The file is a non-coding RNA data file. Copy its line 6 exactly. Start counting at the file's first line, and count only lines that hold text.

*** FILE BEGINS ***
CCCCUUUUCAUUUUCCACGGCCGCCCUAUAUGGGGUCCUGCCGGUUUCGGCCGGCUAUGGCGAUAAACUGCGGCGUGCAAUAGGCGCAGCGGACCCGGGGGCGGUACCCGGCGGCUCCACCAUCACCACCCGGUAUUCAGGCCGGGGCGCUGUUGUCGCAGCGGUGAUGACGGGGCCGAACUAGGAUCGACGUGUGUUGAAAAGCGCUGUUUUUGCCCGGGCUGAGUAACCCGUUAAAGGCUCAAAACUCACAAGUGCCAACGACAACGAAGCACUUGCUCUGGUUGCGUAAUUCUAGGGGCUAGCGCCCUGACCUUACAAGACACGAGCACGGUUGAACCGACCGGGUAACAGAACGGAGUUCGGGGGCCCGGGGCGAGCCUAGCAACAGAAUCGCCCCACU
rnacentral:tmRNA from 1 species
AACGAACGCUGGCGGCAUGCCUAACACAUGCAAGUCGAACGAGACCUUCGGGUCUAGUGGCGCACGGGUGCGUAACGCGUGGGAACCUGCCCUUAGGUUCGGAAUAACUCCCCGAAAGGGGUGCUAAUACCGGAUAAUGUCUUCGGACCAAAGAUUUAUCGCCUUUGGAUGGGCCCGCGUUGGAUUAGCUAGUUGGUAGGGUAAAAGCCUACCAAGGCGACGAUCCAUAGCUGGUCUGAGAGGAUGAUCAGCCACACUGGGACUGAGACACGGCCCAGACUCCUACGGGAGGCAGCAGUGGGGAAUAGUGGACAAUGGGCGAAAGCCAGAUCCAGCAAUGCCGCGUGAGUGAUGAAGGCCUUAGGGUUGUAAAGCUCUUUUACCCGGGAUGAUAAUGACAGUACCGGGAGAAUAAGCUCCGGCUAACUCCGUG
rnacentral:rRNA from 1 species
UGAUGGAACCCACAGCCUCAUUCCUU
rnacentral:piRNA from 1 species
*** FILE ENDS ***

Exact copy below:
rnacentral:piRNA from 1 species